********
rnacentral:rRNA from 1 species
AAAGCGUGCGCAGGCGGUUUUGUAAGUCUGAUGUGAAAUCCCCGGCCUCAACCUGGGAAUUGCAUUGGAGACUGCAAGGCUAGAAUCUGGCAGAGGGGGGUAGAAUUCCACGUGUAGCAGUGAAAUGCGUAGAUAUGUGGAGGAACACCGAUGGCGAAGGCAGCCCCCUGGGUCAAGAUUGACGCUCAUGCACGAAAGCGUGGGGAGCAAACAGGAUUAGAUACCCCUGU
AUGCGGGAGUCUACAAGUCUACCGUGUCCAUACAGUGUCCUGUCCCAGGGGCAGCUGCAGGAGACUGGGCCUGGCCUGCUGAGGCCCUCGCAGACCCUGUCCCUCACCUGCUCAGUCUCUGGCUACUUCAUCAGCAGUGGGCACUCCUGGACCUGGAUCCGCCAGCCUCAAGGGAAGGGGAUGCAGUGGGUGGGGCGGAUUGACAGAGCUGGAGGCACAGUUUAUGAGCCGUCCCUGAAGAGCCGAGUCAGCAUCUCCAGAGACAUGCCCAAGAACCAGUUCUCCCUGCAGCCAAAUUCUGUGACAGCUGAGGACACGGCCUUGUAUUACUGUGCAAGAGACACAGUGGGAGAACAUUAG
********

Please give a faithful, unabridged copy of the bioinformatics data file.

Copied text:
rnacentral:rRNA from 1 species
AAAGCGUGCGCAGGCGGUUUUGUAAGUCUGAUGUGAAAUCCCCGGCCUCAACCUGGGAAUUGCAUUGGAGACUGCAAGGCUAGAAUCUGGCAGAGGGGGGUAGAAUUCCACGUGUAGCAGUGAAAUGCGUAGAUAUGUGGAGGAACACCGAUGGCGAAGGCAGCCCCCUGGGUCAAGAUUGACGCUCAUGCACGAAAGCGUGGGGAGCAAACAGGAUUAGAUACCCCUGU
AUGCGGGAGUCUACAAGUCUACCGUGUCCAUACAGUGUCCUGUCCCAGGGGCAGCUGCAGGAGACUGGGCCUGGCCUGCUGAGGCCCUCGCAGACCCUGUCCCUCACCUGCUCAGUCUCUGGCUACUUCAUCAGCAGUGGGCACUCCUGGACCUGGAUCCGCCAGCCUCAAGGGAAGGGGAUGCAGUGGGUGGGGCGGAUUGACAGAGCUGGAGGCACAGUUUAUGAGCCGUCCCUGAAGAGCCGAGUCAGCAUCUCCAGAGACAUGCCCAAGAACCAGUUCUCCCUGCAGCCAAAUUCUGUGACAGCUGAGGACACGGCCUUGUAUUACUGUGCAAGAGACACAGUGGGAGAACAUUAG